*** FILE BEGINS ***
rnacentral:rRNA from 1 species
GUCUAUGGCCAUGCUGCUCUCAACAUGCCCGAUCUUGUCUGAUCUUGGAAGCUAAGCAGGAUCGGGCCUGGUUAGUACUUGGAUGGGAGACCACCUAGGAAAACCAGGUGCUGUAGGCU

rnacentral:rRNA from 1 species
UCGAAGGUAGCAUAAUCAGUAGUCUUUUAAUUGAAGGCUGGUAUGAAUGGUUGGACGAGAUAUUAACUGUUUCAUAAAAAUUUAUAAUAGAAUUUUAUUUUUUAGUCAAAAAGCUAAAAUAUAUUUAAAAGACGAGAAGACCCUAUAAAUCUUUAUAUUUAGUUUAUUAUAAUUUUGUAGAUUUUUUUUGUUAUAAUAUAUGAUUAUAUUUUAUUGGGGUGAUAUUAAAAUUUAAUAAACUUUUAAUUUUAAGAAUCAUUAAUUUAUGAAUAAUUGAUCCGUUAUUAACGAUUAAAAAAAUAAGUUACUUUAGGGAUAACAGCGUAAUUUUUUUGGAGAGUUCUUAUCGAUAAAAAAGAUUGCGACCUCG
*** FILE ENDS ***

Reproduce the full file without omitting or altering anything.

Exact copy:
rnacentral:rRNA from 1 species
GUCUAUGGCCAUGCUGCUCUCAACAUGCCCGAUCUUGUCUGAUCUUGGAAGCUAAGCAGGAUCGGGCCUGGUUAGUACUUGGAUGGGAGACCACCUAGGAAAACCAGGUGCUGUAGGCU

rnacentral:rRNA from 1 species
UCGAAGGUAGCAUAAUCAGUAGUCUUUUAAUUGAAGGCUGGUAUGAAUGGUUGGACGAGAUAUUAACUGUUUCAUAAAAAUUUAUAAUAGAAUUUUAUUUUUUAGUCAAAAAGCUAAAAUAUAUUUAAAAGACGAGAAGACCCUAUAAAUCUUUAUAUUUAGUUUAUUAUAAUUUUGUAGAUUUUUUUUGUUAUAAUAUAUGAUUAUAUUUUAUUGGGGUGAUAUUAAAAUUUAAUAAACUUUUAAUUUUAAGAAUCAUUAAUUUAUGAAUAAUUGAUCCGUUAUUAACGAUUAAAAAAAUAAGUUACUUUAGGGAUAACAGCGUAAUUUUUUUGGAGAGUUCUUAUCGAUAAAAAAGAUUGCGACCUCG